As you’re probably very aware, an overt stress of grammar is detrimental to learning. It creates the impression that language is just grammar rules and words. This is not only hugely demoralizing, but also a huge underestimation of the power of language to convey the human experience. Each language is unique in its capacity to express the history, emotions, and experiences of a people.

Narrowed Understanding of the Language as a Whole

Not everyone says the same thing the same way. This is a fact of life. As much as knowing the grammar lets you make your own sentences independently, it also limits your ability to understand other dialects and expressions. Whatever you’re taught in a class or grammar book is the standardized version of the language, which not everyone speaks on a daily basis. Sometimes, the standardized version of the language is seen as pretentious, arrogant, uptight, or downright unnatural. Granted, the remedy to this requires that you go to various regions where the language is spoken, so that you can get exposed.

I hope you got something out of reading this! Please share this with your friends and feel free to leave any comments!

The Importance of Language

No matter where we come from, language is an important part of our lives. It permeates everything we do, from our habits, our personalities, and identities as people. By learning other languages, you can link yourself with others in a way more profound than any other form of communication. As human beings, it is pleasing to hear another speak our own language. People who speak other languages understand others on deep levels, being able to connect with others in their mother tongues, the first and best form of communication.

When I was a child, I was unable to speak my mother tongue, Kannada, as well as I should have, due to a speech problem. It became apparent to me at an early age that language was important, and not being able to speak in Kannada affected how others saw me, behaved around me, and spoke to me.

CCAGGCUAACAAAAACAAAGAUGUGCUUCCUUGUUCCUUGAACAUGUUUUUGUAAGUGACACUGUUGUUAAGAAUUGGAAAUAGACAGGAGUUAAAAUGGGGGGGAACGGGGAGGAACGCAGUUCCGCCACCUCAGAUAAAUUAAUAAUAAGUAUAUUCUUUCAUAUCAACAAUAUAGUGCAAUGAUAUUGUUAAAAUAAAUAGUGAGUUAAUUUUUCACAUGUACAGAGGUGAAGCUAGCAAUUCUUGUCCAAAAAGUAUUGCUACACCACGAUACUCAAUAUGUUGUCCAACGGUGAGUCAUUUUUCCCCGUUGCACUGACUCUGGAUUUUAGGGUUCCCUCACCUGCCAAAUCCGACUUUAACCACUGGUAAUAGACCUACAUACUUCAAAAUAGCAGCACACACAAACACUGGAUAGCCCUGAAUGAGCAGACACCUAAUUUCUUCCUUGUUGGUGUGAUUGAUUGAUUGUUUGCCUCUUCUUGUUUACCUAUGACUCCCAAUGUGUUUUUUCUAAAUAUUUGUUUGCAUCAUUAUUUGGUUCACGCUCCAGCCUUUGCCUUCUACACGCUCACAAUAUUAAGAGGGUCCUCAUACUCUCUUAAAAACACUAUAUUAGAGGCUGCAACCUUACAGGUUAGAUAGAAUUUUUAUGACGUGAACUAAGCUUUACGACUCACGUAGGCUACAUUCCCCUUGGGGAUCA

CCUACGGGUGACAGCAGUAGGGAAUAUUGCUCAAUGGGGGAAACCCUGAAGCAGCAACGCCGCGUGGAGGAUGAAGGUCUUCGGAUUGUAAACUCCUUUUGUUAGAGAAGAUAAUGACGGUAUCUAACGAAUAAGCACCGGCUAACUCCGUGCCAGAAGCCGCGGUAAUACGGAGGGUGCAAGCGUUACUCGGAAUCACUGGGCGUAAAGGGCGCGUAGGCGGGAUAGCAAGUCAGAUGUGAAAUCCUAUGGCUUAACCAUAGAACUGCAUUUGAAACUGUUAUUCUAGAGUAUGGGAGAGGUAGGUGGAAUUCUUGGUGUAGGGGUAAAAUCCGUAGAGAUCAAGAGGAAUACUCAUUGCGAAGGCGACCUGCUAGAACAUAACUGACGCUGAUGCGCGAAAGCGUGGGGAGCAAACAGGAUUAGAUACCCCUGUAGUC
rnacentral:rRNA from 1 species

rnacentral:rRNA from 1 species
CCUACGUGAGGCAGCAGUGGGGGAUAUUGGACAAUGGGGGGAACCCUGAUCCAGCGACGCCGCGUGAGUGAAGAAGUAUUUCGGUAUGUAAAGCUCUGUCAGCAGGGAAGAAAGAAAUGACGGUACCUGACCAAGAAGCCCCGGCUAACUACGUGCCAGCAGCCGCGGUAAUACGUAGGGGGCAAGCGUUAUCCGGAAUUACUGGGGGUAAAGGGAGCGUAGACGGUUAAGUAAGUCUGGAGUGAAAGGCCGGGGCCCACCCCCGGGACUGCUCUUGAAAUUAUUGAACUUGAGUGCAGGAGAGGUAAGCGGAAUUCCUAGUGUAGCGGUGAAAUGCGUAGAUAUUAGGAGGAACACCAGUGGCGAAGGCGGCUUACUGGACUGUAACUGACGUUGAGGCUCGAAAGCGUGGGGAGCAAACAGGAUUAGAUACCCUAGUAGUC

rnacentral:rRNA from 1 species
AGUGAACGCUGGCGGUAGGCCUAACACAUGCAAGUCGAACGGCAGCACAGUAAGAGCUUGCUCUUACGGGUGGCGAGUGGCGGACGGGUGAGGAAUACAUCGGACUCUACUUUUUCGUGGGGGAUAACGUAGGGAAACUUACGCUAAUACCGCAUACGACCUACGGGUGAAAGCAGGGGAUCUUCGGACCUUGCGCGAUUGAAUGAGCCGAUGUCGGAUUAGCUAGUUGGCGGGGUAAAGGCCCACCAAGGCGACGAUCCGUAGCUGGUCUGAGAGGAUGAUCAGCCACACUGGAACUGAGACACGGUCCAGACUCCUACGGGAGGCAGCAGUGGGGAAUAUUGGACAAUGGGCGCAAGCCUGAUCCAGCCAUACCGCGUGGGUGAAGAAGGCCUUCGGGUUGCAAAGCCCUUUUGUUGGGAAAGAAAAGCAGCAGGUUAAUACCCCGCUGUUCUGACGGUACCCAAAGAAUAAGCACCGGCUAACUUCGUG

Now, I am significantly more proficient in Kannada, after years of practice with my family. I have learned Spanish to a reasonably advanced level, and am continuing to study, because Spanish is a beautiful language, and is also widely spoken in my state of California. I also started learning Italian some time ago, as well as Hindi and Korean. Hindi and Italian are still works in progress, but I gave up on Korean some time ago, because of I found its grammar system confusing. However, I recently compiled my notes from these three languages into individual learning guides, in the hope that others might be able to utilize them. I have yet to publish my most recent and hopefully my best version of my book on Italian, due to having to wait for my KDP Select contract to expire. My Korean book is currently under revision by my Korean colleague, and my Hindi book is beginning the polishing process. At the moment, my first Italian book, Impariamo l’italiano!, is available on the Kindle Store for $4.99. Eventually, the better version, with more vocabulary, exercises, and information will be available on the iBooks Store, called Scoprendo l’italiano! On this blog, I will be posting links to the audio exercises that will accompany the text, when I have finished them, and the book is released.